The attack on the pro-democracy newspaper Apple Daily is being considered as the breach of freedom of speech and it has signalled an all-out Chinese attack against media.
Radio Television Hong Kong, the city’s public broadcaster, has been forced to change its leadership to ensure that its news aligns with the government line. One of its journalists was arrested after investigating police misconduct.
Meanwhile, foreign media organisations have had difficulty getting visas for their correspondents. Under the draconian Beijing-imposed national security law, Chinese authorities are hellbent on silencing independent media in Hong Kong and ending freedom of speech and expression, even though they were guaranteed by the Basic Law and the 1985 agreement struck by China and the United Kingdom.
However, Hong Kong officials argue that journalism is not the problem. Carrie Lam, head of the Hong Kong government, insisted that the law would not affect “normal journalism”.
Apple Daily’s closure was only a matter of time as its founder, Jimmy Lai, had already anticipated his own arrest over a year ago in a New York Times opinion article in which he bemoaned the steadily shrinking space for freedom of thought and expression in Hong Kong.
The arrest of Lai, other senior journalists and editors, and the shuttering of the daily, signals not just the end of an era in Hong Kong, but shows to all the world the Chinese leadership’s instincts and ambitions: it will silence its critics by whatever means necessary, wrote Japan Times in an editorial piece.
After the imposition of the security law, the newspaper became an inviting target for the government. Soon, Lai was arrested and sentenced to 20 months in prison for involvement in the protests.
Later, Hong Kong police raided Apple Daily’s headquarters to seize “evidence for a case of suspected contravention of the National Security Law.” They also arrested its editor in chief and the chief executive of the media group of which Apple Daily is a part.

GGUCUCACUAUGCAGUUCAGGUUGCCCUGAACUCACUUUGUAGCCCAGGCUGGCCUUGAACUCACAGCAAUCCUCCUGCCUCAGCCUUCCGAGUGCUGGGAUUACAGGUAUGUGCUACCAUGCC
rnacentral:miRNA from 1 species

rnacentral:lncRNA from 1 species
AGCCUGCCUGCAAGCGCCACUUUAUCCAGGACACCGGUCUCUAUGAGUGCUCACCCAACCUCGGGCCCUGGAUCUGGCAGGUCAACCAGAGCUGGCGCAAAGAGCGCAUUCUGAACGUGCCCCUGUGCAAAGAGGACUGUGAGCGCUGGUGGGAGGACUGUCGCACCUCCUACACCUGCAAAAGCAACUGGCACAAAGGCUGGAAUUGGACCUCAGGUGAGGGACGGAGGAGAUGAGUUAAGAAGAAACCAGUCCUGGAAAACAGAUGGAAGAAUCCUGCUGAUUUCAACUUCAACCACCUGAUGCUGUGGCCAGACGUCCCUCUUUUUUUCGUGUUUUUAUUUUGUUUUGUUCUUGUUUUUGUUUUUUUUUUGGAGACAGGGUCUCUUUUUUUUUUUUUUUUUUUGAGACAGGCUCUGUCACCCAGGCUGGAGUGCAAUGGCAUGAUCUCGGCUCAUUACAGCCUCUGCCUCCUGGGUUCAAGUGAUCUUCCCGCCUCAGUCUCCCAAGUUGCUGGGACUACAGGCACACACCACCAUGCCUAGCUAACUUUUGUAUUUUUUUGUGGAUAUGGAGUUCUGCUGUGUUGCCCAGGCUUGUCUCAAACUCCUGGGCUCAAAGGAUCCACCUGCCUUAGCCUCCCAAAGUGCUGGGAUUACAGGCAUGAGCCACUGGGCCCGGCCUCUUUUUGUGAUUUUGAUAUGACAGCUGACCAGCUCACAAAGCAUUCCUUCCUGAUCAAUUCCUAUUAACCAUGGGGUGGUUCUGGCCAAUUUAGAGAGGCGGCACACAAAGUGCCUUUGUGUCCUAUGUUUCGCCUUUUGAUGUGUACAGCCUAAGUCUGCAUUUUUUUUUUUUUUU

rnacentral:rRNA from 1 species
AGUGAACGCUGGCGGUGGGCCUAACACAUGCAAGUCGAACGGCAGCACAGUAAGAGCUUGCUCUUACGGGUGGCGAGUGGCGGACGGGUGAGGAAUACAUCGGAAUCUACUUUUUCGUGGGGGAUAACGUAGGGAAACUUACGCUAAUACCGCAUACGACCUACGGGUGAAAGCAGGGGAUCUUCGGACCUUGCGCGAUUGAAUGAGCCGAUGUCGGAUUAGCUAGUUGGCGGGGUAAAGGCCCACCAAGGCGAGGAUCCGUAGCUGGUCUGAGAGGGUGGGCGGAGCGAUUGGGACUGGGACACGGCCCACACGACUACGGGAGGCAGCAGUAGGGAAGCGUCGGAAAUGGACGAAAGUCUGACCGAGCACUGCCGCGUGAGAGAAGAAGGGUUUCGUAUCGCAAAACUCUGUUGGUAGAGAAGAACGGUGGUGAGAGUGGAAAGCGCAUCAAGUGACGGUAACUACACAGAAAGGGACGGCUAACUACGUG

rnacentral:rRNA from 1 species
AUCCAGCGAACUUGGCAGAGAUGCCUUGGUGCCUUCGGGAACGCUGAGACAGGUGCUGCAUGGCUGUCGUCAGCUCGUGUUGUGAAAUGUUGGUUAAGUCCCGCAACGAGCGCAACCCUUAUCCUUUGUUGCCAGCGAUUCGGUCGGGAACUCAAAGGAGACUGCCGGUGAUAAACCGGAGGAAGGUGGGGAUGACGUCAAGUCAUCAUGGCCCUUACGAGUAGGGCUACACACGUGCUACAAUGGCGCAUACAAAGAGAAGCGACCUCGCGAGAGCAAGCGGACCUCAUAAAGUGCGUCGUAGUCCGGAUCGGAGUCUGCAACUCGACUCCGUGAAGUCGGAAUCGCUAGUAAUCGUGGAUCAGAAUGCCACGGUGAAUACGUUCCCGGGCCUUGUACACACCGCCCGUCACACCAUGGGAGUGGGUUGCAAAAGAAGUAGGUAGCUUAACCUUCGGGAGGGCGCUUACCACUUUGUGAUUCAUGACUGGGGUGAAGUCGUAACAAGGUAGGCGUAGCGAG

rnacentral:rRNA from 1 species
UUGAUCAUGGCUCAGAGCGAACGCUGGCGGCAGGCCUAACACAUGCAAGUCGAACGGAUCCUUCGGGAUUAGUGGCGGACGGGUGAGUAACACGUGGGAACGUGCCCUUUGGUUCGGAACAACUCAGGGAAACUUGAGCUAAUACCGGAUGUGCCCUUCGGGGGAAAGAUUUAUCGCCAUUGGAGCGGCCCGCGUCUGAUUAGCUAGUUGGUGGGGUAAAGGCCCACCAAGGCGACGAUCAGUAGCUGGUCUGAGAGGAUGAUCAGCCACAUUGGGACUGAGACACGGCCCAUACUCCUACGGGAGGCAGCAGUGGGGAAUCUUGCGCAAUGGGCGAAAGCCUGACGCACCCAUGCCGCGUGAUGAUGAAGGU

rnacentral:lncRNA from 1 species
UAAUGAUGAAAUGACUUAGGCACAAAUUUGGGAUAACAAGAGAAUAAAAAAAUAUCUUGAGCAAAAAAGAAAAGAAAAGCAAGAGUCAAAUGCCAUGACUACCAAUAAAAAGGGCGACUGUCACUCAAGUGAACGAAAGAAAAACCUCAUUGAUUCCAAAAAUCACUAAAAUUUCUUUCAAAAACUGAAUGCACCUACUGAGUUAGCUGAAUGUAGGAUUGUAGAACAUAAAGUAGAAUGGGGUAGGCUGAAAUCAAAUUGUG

The duo was charged with breaking the law by publishing articles that were interpreted as calling for sanctions on Hong Kong or China by foreign governments and institutions, which the police argued constituted “collusion with a foreign country or with external elements to endanger national security.”
The Hong Kong authorities also froze the paper’s bank accounts and ordered banks to stop doing any business for or with the company and more arrests have been threatened.
The Japan Times reported that John Lee, Hong Kong’s secretary for security, distinguished Apple Daily from “ordinary journalists”, and a senior police superintendent explained that the crackdown wasn’t “targeting the media but an organization that violated the national security law”.
However, flaws have emerged within that logic. The language of the National Security Law is vague, which forces journalists to guess where the lines are as they do their job. Moreover, the Hong Kong government has apparently decided that any criticism is beyond the pale.
The media has not been the only target of the national security law. Businesses that once flocked to Hong Kong because of its energy and proximity to China are now rethinking those choices for precisely the same reasons.
Living and working in silence is not an option. Moreover, the language of the National Security Law extends its reach beyond Hong Kong’s borders. In theory, this article might even violate its intent.
Some firms have already reduced their presence in Hong Kong because of the political upheaval. Last summer, The New York Times moved its digital news operation for Asia from Hong Kong to Seoul, citing the potential impact of the security law, CNN reported.
Investing advice website Motley Fool and TikTok also pulled out from the city. Big Tech players have also expressed reservations. Last July, Facebook (FB), Google (GOOGL) and Twitter (TWTR) said that they would pause the review of requests for user data from the city’s government.